A huge part of grief is wanting to belong. Grief and fear isolate us, so we try to find ways to become part of a group again. I have never gone to church; I have attended multiple candle vigils in my life, but have never truly felt a part of anything. When I am sad, I tend to isolate myself from groups. I stay in my apartment, which somehow always seems safer, because I can control it. I’ve found many people grieving different ways. A lot of us our surprised at this. People (me) who make fun of marathoners don’t fully understand the need to stay in marathon coats, and yet I have been wearing the same Red Sox shirt for days. People who were in sororities and fraternities are joining together to fundraise. Somehow, in grief we expect to be similar to each other.
But even in grief we are the same people that were before the tragedy. I was at the Red Sox game on Monday, and Napoli’s hit promised a perfect day. I waited outside the baseball tavern irritated by the crowds, wanting to head to other Boylston bars, but people told me lines would be just as long. When we heard something explode, we didn’t think too much about it. I thought it was a stink bomb (I work with kids) and when I saw all of the police cars and ambulance cars storm by, I thought they were just trying to get home. This is me. Trying to protect myself. My father, in his South end apartment, heard the same thing, and he knew it was an explosion (he was in Vietnam).
I find myself trying to avoid the news like a Yankees fan. Right now, I am writing from a bar, switched seats with someone, so I could keep focused on the interfaith ceremony. Yet last night, I had to see the National Anthem for the Bruins. To me, this is less about America, and more about Boston. But again, that’s me. Opening Day has always been bigger than the fourth of July. So I am finding comfort in what I know, what I have always belonged too. I have been trying not to cry, but the tears keep creeping in. Middlebrooks shoe. 617 Strong. This is what allows me to grieve. This is where I belong. It is always where I have belonged. I have never needed to be told to wear Boston clothes, because I already do. I have my Orr shirt for traveling. My Red Sox hat for traveling when there is no time for a shower. And this is why, I can’t watch the news. But I can weep to the sight of Sean Thornton singing. And Renee being more quiet than usual.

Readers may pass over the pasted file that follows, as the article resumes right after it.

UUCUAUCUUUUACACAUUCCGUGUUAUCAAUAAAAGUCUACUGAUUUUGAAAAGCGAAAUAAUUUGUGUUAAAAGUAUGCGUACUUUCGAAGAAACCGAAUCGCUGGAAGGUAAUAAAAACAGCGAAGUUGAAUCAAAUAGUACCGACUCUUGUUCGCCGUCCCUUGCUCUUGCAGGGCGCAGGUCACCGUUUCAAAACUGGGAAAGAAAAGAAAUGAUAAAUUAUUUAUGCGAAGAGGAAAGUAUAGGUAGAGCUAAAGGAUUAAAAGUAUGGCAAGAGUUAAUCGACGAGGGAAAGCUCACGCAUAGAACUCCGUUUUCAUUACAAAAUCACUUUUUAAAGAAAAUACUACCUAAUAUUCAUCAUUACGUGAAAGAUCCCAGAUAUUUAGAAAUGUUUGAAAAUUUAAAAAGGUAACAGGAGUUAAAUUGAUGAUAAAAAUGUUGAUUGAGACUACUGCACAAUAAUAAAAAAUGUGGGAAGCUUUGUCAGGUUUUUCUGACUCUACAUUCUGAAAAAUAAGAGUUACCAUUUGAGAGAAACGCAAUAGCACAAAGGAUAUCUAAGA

More than ever, we need to understand we are all different. And that makes for different grievers. Right now, I am less about being strong, and more about being forgiving. Forgiving myself for crying. Forgiving people whose stories keep pulling me back. Forgiving the bar with the news that tells me nothing, except those three people are still dead. I suppose this is a version of being strong. A version of Boston strong I have not seen before. A time when we can put our cynicism on the back burner, well, except for maybe Shaughnessy.
We don’t need to change from this, only remember no one else does either. This is okay. This is what makes our city beautiful. Different types of people cohabitating, all caring- just in different ways.